The Design and Calibration of a Stress Relaxation Ball Indentation Penetrometer
View Description Hide DescriptionA stress relaxation ball indentation penetrometer was designed and constructed with the intent of measuring the time‐dependent stress relaxation modulus of materials incapable of supporting their own weight. An equation is derived to relate the modulus to the geometry of a deformation by a sphere into a plane. The relevance of this equation to creep experiments is discussed.

The Effects of Concentration in Fluid Suspensions
View Description Hide DescriptionExpressions for the relative viscosity of fluid suspensions are obtained using a continuum model. A substructure spin boundary condition intermediate between zero spin and zero antisymmetric stress is formulated by introducing a wall condition parameter. Simple shearing motion is examined and a simple relation between the boundary condition parameter and the suspension concentration is postulated. The resulting expression for relative viscosity is found to agree closely with the experimental results of V and for concentrations below 0.3.

Transients in Model Viscoelastic Materials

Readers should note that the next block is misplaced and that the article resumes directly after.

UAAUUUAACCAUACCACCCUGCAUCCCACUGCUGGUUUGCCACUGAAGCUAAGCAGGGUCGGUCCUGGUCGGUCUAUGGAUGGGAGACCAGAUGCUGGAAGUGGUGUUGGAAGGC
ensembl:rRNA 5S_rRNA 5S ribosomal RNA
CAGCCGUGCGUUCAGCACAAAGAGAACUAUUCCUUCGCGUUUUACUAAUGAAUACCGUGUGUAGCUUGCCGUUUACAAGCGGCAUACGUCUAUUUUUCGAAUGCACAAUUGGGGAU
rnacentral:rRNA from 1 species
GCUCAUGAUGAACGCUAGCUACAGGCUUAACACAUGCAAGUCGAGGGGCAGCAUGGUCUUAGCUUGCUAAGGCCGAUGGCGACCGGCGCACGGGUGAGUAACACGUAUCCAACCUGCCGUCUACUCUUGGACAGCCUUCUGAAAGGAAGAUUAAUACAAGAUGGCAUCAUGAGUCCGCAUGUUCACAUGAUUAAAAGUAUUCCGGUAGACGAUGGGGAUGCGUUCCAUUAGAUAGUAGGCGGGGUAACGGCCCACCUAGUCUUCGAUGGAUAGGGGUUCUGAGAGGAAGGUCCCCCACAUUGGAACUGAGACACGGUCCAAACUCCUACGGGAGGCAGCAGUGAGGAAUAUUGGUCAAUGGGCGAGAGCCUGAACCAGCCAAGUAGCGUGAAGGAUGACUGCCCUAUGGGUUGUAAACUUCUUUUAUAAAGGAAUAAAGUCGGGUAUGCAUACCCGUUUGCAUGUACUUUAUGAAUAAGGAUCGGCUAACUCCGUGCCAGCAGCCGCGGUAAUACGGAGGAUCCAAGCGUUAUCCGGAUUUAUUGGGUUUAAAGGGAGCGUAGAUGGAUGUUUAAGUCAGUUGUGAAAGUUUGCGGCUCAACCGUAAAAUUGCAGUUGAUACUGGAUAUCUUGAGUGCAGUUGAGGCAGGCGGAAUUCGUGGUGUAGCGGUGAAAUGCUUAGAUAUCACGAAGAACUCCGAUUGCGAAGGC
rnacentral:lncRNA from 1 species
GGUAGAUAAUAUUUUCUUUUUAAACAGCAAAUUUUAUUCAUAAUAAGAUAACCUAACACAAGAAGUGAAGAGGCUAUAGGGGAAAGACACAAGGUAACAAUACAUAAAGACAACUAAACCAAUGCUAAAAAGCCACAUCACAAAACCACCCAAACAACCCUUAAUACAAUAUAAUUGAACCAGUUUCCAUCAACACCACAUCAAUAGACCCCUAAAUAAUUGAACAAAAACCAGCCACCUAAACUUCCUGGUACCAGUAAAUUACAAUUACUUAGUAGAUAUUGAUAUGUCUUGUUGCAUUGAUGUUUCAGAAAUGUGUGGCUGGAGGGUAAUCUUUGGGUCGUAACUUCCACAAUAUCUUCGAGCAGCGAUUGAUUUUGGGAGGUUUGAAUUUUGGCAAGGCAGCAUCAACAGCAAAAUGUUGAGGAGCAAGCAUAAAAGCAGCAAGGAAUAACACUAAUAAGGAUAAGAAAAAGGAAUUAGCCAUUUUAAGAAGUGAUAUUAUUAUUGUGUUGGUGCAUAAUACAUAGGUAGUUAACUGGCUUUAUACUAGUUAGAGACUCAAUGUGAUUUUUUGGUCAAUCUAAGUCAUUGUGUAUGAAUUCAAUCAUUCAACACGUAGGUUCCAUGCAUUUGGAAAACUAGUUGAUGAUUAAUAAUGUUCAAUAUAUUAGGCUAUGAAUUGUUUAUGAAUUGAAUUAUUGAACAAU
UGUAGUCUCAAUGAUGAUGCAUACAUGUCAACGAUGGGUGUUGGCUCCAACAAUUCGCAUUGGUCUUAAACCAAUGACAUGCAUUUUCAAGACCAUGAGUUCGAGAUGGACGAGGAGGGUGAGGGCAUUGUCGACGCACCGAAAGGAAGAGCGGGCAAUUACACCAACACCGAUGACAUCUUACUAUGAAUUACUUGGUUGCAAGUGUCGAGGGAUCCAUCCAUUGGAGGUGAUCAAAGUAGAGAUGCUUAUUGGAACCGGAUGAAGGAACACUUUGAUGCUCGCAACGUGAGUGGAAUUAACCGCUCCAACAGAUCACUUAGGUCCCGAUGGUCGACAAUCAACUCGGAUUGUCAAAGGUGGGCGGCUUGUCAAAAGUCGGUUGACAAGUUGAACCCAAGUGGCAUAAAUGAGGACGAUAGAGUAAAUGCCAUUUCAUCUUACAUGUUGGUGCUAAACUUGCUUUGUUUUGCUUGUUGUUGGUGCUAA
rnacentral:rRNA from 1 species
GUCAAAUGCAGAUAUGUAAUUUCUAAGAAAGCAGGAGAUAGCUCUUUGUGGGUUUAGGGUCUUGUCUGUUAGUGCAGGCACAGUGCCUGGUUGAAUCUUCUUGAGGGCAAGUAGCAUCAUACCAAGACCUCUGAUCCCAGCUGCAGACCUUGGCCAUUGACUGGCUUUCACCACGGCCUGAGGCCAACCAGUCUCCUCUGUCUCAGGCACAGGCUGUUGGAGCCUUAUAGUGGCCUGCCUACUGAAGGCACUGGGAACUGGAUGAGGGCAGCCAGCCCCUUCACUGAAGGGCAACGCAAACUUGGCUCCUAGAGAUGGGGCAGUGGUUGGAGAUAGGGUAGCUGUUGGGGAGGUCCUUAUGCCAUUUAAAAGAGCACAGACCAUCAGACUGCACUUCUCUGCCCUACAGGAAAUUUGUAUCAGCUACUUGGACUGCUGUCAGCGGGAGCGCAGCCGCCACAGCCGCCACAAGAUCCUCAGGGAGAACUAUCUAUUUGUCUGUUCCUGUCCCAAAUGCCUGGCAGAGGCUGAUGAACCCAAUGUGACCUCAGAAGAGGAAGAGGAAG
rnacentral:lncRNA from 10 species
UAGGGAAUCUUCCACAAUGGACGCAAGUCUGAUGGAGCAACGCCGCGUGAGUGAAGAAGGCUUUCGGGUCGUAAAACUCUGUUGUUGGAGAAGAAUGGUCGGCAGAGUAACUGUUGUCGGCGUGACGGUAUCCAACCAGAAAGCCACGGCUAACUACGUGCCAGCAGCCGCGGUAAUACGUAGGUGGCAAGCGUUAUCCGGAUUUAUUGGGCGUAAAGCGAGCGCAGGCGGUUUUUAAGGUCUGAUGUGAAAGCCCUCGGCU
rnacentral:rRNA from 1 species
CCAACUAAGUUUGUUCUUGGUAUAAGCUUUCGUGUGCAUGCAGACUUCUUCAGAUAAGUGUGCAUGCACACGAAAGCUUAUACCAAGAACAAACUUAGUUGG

View Description Hide DescriptionThe dynamic behavior of a homogeneous slab subjected to a short pressure pulse on one face is explored from a simple rheological point of view. The analysis is one dimensional, but involves two strain modes in the material. The early response is shown to be controlled by the bulk viscosity which influences the distortion and attenuation of propagating disturbances. In particular, the peak stress at interior points is shown to be very sensitive to the duration of the pressure. This result is quite different from that usually applied in the analysis of impact data in which it is assumed that the controlling differential equations are hyperbolic and that the density pressure relation is not time dependent. It is also more compatible with some of the experimental results. Criteria for mechanical similarity are described which may be useful in the design and development of systems subjected to impacts. The uniaxial deformation generated in this type of experiment is contrasted with the uniaxial load condition generated in the usual tensile test. In the present case, not only the wave propagation is distinctive, but the tendency toward strain homogeneity and strain stability can also be greatly enhanced. This is likely to be relevant to the understanding of material‐forming processes.